"Brady's definitely our number two," Hudspeth says. "He's a senior, and he can come in and manage the game if we need. He's already taking on 300-pound guys on the punt team, and we know he'll be able to execute well if we need him."
Also moving up will be true freshman Brooks Haack as the No. 3 QB. Until now, Haack has been better known as the younger brother of Cajun softball standout Matte Haack, and part of a strong group of freshman quarterbacks that also includes Teurlings Catholic product D'Shaie Landor and Carencro product Jalen Nixon.
"He'll get the reps with the threes, but that's not saying we've put him ahead of anyone," Hudspeth says. "We had to decide on a third for right now, and physically he may be more ready for that situation if needed. We're going to prepare him, and I expect him to prepare like Terrance has been preparing."
WHERE'D EVERYBODY GO?: Attendance on Saturday was 21,109, the lowest since Hudspeth took over as head coach prior to the 2011 season. And he noticed.
"We underachieved as a football team two weeks ago at Oklahoma State," Hudspeth said Monday, referring to UL's 65-24 loss to the Cowboys in Stillwater, Okla. "This past week, our fans underachieved ... not the fans that were there, but those that weren't there were just like we were two weeks ago. Now, with Tulane coming to town, an in-state rival, we have to make sure our fans show up full force."
The threat of weather was apparently enough to keep many home, despite the fact that the Cajuns have won six in a row at home -- they still haven't lost at Cajun Field under Hudspeth -- and were facing the team that was the coaches' preseason pick to win the Sun Belt. And it never even drizzled at the stadium after 3:30 p.m., a full two and one-half hours before kickoff.
Ironically, the very thing that impressed officials from at least two different bowl games last year -- UL's home attendance average, which barely missed the 30,000 mark -- hasn't been there for the Cajuns' first two games. The home average is down to 23,456, and don't think that bowl folks won't look at that again this year despite UL's stellar turnout for last December's New Orleans Bowl.
To that end, Hudspeth threatened drastic action for the weekend.
"If 35,000 aren't in that stadium on Saturday," he says, "I'm going to call time out and I'm going to go up and down Johnston and Ambassador Caffery with a bus and I'm going to load up people and bring them back here. we'll burn two or three times outs if we have to.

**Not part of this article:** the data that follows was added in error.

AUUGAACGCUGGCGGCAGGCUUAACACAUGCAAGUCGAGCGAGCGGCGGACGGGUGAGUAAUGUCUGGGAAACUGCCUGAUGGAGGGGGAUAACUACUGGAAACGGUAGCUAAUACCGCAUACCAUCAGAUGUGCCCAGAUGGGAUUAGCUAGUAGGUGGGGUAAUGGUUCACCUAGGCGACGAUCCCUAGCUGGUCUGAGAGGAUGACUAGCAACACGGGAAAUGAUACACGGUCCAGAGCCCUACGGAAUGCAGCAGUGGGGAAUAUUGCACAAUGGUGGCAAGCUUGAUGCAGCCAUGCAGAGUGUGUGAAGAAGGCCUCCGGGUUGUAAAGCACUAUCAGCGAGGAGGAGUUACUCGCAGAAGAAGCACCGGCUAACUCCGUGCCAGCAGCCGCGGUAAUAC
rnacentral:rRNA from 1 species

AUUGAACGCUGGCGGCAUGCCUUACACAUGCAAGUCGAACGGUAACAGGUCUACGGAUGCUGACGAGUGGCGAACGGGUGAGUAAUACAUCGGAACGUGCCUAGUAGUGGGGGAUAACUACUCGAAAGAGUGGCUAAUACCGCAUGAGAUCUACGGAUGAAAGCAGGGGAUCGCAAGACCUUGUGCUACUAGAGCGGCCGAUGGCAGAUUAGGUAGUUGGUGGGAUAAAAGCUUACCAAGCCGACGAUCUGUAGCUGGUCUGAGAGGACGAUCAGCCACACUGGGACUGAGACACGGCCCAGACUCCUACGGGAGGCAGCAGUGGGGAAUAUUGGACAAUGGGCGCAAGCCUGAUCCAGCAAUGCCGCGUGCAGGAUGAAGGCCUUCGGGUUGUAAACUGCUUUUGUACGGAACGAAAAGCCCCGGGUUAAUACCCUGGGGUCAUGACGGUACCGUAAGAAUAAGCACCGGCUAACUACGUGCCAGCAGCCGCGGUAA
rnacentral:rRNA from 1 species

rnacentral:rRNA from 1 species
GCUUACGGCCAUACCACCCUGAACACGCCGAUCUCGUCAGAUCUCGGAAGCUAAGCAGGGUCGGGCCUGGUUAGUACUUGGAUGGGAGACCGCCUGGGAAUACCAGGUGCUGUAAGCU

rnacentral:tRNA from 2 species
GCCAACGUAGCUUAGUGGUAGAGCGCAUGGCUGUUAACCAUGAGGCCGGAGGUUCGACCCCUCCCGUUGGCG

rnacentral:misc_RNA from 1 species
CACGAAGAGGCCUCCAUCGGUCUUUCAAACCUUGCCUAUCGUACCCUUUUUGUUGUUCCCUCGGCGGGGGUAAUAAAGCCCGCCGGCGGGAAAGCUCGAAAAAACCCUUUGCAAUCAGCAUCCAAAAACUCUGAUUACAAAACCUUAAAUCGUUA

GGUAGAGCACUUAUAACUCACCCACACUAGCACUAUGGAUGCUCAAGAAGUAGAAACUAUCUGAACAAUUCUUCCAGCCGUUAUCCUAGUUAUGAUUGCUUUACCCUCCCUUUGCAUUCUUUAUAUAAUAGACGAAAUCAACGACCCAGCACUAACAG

"Building a championship program is a process, and part of that is the fan level of commitment, everybody that touches this program has to continue to strive, and I have no doubt that our fans are going to show up in droves this week. It'll be an unbelievable atmosphere."
BOY, HAVE THEY STRUGGLED: Tulane comes in for this week's Homecoming game with an 0-4 record, but that doesn't adequately describe the Wave's problems. Injuries in the still positions that rival the Cajuns' losses have created an anemic offense (apparently Tulane didn't have the Cajuns' depth), one that ranks dead last among the nation's 120 FBS teams in rushing offense (five total yards per game), total offense (187.3 yards per game) and scoring offense (8.0 points per game). Tulane also ranks next-to-last nationally in passing efficiency and second-from-last in sacks allowed.
But the Wave also ranks 118th out of 120 teams in rushing defense (giving up 260 yards per game) and scoring defense (allowing 42.8 points per game).
The Cajuns were installed as a 23-point favorite on most major Vegas betting lines early Monday, and that had already jumped to 23 1/2 by Monday night.
The Cajun players are well aware that Tulane got thumped 63-10 by state and Sun Belt rival UL Monroe on Saturday at the Superdome, so Hudspeth was in damage-control early to make sure the Cajuns weren't taking anything for granted.
"We had a 45-minute meeting Sunday just on Tulane and the importance of this football game, the importance of doing our job for Homecoming," he says. "I know they got the message from me on how they're expected to prepare."
During that meeting, Hudspeth read aloud the scores of many of the previous games between the teams going back to 1911. Some of those early scores prior to 1930 were lopsided as Tulane won the first 16 meetings between the teams -- 96-0, 74-0, 73-0, 79-0, 60-0 and 84-0 among them. Even as recently as 1998, the Cajuns suffered a 72-20 loss to the Wave.
"We've taken our lumps on most of those," he says, "and the whole thought process was that we're determined to change that mindset. For them to come in here and knock us off would make their season, so there will be a point of emphasis all week that this is Tulane, an in-state school, and no one is looking past this game."